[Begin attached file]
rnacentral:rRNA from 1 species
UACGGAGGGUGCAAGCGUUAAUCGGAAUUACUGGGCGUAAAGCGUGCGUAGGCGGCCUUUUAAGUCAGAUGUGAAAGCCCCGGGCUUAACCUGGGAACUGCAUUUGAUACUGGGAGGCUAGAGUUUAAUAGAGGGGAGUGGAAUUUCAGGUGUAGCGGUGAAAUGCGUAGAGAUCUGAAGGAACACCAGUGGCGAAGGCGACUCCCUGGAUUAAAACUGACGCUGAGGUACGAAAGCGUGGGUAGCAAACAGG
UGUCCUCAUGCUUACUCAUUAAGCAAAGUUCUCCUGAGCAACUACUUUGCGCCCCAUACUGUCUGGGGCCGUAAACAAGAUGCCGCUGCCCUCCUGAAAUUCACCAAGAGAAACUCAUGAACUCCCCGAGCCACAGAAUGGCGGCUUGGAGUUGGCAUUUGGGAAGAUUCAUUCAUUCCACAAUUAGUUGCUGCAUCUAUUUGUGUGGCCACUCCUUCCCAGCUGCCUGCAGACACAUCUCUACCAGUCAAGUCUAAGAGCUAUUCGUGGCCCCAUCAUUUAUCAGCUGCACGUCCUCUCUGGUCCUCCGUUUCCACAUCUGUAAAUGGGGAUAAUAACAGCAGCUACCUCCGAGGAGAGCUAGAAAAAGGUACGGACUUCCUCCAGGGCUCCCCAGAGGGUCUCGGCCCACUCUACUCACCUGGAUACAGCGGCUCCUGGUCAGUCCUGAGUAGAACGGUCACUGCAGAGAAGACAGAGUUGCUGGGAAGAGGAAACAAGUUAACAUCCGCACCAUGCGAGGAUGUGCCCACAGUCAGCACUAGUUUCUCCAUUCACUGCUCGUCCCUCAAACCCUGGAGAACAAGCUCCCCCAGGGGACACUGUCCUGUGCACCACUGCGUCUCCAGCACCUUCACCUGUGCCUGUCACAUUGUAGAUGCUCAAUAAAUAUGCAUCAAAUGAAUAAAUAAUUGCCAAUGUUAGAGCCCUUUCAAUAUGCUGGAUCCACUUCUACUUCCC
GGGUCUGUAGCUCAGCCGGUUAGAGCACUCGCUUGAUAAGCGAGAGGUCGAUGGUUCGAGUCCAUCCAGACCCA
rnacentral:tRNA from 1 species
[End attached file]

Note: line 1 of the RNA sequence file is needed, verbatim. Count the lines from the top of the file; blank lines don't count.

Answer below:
rnacentral:rRNA from 1 species